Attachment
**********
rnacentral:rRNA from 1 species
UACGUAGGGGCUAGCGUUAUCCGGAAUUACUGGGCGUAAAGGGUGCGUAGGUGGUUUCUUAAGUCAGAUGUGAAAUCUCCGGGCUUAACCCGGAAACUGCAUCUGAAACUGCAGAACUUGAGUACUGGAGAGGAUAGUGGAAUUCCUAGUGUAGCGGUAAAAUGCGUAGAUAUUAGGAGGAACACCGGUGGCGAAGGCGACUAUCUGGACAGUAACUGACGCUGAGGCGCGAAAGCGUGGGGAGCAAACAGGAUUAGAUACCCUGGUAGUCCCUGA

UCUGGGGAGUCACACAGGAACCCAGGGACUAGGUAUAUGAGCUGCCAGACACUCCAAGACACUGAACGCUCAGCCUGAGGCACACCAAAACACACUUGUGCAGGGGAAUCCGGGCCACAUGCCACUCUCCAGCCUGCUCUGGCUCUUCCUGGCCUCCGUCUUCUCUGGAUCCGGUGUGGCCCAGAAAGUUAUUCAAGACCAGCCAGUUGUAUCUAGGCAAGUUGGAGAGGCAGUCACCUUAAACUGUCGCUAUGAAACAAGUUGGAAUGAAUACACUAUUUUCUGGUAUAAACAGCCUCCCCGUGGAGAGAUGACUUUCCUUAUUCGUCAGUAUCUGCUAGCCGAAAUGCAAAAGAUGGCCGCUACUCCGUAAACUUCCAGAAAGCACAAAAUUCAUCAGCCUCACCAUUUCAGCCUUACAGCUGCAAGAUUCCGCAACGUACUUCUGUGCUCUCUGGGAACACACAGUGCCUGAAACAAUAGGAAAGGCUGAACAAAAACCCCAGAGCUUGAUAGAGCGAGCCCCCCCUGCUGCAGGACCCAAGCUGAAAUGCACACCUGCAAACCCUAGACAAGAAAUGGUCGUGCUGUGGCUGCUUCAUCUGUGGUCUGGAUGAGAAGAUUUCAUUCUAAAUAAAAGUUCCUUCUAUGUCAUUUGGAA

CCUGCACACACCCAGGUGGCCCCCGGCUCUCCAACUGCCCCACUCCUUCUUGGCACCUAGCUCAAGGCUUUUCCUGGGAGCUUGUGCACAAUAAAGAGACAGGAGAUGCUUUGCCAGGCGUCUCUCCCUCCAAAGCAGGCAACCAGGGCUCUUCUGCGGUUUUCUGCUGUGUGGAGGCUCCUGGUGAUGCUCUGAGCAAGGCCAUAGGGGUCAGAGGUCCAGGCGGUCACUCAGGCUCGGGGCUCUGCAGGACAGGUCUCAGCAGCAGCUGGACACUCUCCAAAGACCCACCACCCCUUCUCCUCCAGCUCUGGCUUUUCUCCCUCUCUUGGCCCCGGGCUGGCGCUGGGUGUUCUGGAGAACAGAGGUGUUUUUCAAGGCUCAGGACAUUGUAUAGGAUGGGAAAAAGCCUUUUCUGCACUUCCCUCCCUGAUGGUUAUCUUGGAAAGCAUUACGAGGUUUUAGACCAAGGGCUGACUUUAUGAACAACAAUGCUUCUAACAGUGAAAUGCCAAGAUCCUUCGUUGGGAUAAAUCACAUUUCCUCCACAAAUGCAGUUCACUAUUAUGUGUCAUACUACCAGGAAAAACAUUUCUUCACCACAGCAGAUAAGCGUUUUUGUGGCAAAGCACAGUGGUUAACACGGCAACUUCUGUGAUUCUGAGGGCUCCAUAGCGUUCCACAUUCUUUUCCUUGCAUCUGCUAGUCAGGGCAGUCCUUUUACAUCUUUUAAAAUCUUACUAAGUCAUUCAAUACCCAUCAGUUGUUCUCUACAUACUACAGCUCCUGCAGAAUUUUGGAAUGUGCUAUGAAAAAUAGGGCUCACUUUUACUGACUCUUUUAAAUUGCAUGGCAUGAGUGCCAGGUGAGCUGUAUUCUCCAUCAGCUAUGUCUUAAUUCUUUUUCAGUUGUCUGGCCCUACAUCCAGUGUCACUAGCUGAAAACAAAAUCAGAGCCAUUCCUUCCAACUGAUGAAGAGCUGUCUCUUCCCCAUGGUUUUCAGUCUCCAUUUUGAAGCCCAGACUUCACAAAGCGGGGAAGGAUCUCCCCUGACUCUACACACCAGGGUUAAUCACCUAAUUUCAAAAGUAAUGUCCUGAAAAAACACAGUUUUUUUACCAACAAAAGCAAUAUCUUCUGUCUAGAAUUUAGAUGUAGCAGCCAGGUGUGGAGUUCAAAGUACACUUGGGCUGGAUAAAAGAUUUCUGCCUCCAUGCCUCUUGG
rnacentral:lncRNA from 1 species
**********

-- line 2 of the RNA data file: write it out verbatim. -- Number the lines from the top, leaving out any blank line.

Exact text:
UACGUAGGGGCUAGCGUUAUCCGGAAUUACUGGGCGUAAAGGGUGCGUAGGUGGUUUCUUAAGUCAGAUGUGAAAUCUCCGGGCUUAACCCGGAAACUGCAUCUGAAACUGCAGAACUUGAGUACUGGAGAGGAUAGUGGAAUUCCUAGUGUAGCGGUAAAAUGCGUAGAUAUUAGGAGGAACACCGGUGGCGAAGGCGACUAUCUGGACAGUAACUGACGCUGAGGCGCGAAAGCGUGGGGAGCAAACAGGAUUAGAUACCCUGGUAGUCCCUGA